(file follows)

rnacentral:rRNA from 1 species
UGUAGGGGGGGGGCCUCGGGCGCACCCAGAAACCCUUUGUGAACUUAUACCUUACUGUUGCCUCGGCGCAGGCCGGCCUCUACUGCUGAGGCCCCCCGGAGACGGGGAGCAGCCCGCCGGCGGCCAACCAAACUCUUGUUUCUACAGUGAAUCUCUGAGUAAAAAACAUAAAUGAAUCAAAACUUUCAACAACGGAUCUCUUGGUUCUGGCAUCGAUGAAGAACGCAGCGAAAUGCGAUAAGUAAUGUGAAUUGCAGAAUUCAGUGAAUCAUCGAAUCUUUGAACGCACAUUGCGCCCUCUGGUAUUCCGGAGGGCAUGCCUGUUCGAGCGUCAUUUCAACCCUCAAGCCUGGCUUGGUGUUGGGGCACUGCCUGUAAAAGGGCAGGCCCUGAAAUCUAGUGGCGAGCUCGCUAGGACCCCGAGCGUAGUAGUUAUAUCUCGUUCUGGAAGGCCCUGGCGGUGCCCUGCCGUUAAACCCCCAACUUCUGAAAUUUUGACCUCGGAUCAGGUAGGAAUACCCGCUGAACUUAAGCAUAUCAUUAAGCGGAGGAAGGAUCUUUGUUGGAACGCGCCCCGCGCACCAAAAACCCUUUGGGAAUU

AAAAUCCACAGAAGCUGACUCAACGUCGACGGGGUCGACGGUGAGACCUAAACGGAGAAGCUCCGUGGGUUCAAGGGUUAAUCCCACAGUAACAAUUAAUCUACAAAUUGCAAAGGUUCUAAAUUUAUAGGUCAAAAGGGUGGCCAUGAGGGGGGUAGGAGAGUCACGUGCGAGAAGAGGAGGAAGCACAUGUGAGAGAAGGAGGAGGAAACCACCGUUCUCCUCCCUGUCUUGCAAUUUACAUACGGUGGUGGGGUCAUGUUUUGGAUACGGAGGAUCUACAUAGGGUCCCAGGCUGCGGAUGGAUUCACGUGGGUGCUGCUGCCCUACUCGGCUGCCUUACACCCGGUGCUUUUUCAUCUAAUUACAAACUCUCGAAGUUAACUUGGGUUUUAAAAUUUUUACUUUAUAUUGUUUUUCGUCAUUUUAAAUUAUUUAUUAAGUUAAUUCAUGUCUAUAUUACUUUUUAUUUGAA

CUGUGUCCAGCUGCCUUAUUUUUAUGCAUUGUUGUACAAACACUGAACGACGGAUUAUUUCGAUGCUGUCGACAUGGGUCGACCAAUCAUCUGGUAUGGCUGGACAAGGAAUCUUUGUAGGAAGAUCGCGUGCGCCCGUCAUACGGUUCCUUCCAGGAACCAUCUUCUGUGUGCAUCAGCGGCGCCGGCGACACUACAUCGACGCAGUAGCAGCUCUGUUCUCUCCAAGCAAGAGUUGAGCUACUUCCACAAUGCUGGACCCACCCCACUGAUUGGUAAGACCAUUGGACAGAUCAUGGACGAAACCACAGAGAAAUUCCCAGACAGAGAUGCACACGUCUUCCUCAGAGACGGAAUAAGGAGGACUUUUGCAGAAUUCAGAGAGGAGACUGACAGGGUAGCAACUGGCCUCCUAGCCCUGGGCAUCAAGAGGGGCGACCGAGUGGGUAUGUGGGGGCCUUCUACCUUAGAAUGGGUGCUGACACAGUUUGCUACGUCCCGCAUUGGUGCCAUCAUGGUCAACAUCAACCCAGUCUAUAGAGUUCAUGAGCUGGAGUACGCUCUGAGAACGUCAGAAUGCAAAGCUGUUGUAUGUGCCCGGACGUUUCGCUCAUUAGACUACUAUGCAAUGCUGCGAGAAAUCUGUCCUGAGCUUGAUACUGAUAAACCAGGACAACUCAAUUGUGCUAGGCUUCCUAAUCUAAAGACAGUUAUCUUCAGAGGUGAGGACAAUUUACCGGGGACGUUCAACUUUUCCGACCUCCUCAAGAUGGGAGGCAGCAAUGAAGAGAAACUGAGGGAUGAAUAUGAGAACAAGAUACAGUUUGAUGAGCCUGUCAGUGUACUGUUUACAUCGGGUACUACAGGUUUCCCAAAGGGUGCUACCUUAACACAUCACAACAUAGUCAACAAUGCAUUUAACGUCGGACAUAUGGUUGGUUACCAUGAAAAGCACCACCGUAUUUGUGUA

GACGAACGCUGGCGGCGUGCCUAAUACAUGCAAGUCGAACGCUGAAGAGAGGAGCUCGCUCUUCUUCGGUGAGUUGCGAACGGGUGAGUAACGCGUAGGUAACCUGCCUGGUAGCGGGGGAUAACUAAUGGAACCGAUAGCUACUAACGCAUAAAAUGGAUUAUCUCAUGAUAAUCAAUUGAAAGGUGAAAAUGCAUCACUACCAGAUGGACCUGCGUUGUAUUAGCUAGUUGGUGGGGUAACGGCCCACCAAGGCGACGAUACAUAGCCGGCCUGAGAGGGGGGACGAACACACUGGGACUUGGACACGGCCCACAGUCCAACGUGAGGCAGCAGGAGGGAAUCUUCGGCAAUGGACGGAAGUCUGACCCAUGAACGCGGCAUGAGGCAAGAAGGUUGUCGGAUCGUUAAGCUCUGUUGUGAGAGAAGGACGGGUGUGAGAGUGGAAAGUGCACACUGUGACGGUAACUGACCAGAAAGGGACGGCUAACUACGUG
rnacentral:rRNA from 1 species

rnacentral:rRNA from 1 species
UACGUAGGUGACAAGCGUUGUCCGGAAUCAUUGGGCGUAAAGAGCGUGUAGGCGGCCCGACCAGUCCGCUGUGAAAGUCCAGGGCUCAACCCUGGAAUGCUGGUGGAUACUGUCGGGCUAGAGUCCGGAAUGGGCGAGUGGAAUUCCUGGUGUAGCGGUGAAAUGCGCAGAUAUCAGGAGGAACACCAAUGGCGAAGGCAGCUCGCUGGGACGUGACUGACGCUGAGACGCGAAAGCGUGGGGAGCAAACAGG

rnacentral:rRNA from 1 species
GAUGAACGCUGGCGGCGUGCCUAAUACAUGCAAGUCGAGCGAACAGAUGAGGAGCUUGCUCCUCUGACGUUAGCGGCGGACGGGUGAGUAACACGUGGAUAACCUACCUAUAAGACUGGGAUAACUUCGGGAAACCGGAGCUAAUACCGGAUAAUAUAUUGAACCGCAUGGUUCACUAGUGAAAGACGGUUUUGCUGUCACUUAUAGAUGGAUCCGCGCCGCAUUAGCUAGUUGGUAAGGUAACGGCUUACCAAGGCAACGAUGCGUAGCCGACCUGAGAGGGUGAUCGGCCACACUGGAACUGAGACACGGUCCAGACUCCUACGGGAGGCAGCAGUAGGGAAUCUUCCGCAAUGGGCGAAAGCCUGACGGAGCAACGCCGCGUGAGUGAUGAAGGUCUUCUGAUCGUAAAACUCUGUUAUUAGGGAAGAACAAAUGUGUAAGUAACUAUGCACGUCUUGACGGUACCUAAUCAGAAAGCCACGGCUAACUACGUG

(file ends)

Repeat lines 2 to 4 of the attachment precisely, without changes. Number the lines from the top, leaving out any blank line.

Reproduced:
UGUAGGGGGGGGGCCUCGGGCGCACCCAGAAACCCUUUGUGAACUUAUACCUUACUGUUGCCUCGGCGCAGGCCGGCCUCUACUGCUGAGGCCCCCCGGAGACGGGGAGCAGCCCGCCGGCGGCCAACCAAACUCUUGUUUCUACAGUGAAUCUCUGAGUAAAAAACAUAAAUGAAUCAAAACUUUCAACAACGGAUCUCUUGGUUCUGGCAUCGAUGAAGAACGCAGCGAAAUGCGAUAAGUAAUGUGAAUUGCAGAAUUCAGUGAAUCAUCGAAUCUUUGAACGCACAUUGCGCCCUCUGGUAUUCCGGAGGGCAUGCCUGUUCGAGCGUCAUUUCAACCCUCAAGCCUGGCUUGGUGUUGGGGCACUGCCUGUAAAAGGGCAGGCCCUGAAAUCUAGUGGCGAGCUCGCUAGGACCCCGAGCGUAGUAGUUAUAUCUCGUUCUGGAAGGCCCUGGCGGUGCCCUGCCGUUAAACCCCCAACUUCUGAAAUUUUGACCUCGGAUCAGGUAGGAAUACCCGCUGAACUUAAGCAUAUCAUUAAGCGGAGGAAGGAUCUUUGUUGGAACGCGCCCCGCGCACCAAAAACCCUUUGGGAAUU

AAAAUCCACAGAAGCUGACUCAACGUCGACGGGGUCGACGGUGAGACCUAAACGGAGAAGCUCCGUGGGUUCAAGGGUUAAUCCCACAGUAACAAUUAAUCUACAAAUUGCAAAGGUUCUAAAUUUAUAGGUCAAAAGGGUGGCCAUGAGGGGGGUAGGAGAGUCACGUGCGAGAAGAGGAGGAAGCACAUGUGAGAGAAGGAGGAGGAAACCACCGUUCUCCUCCCUGUCUUGCAAUUUACAUACGGUGGUGGGGUCAUGUUUUGGAUACGGAGGAUCUACAUAGGGUCCCAGGCUGCGGAUGGAUUCACGUGGGUGCUGCUGCCCUACUCGGCUGCCUUACACCCGGUGCUUUUUCAUCUAAUUACAAACUCUCGAAGUUAACUUGGGUUUUAAAAUUUUUACUUUAUAUUGUUUUUCGUCAUUUUAAAUUAUUUAUUAAGUUAAUUCAUGUCUAUAUUACUUUUUAUUUGAA

CUGUGUCCAGCUGCCUUAUUUUUAUGCAUUGUUGUACAAACACUGAACGACGGAUUAUUUCGAUGCUGUCGACAUGGGUCGACCAAUCAUCUGGUAUGGCUGGACAAGGAAUCUUUGUAGGAAGAUCGCGUGCGCCCGUCAUACGGUUCCUUCCAGGAACCAUCUUCUGUGUGCAUCAGCGGCGCCGGCGACACUACAUCGACGCAGUAGCAGCUCUGUUCUCUCCAAGCAAGAGUUGAGCUACUUCCACAAUGCUGGACCCACCCCACUGAUUGGUAAGACCAUUGGACAGAUCAUGGACGAAACCACAGAGAAAUUCCCAGACAGAGAUGCACACGUCUUCCUCAGAGACGGAAUAAGGAGGACUUUUGCAGAAUUCAGAGAGGAGACUGACAGGGUAGCAACUGGCCUCCUAGCCCUGGGCAUCAAGAGGGGCGACCGAGUGGGUAUGUGGGGGCCUUCUACCUUAGAAUGGGUGCUGACACAGUUUGCUACGUCCCGCAUUGGUGCCAUCAUGGUCAACAUCAACCCAGUCUAUAGAGUUCAUGAGCUGGAGUACGCUCUGAGAACGUCAGAAUGCAAAGCUGUUGUAUGUGCCCGGACGUUUCGCUCAUUAGACUACUAUGCAAUGCUGCGAGAAAUCUGUCCUGAGCUUGAUACUGAUAAACCAGGACAACUCAAUUGUGCUAGGCUUCCUAAUCUAAAGACAGUUAUCUUCAGAGGUGAGGACAAUUUACCGGGGACGUUCAACUUUUCCGACCUCCUCAAGAUGGGAGGCAGCAAUGAAGAGAAACUGAGGGAUGAAUAUGAGAACAAGAUACAGUUUGAUGAGCCUGUCAGUGUACUGUUUACAUCGGGUACUACAGGUUUCCCAAAGGGUGCUACCUUAACACAUCACAACAUAGUCAACAAUGCAUUUAACGUCGGACAUAUGGUUGGUUACCAUGAAAAGCACCACCGUAUUUGUGUA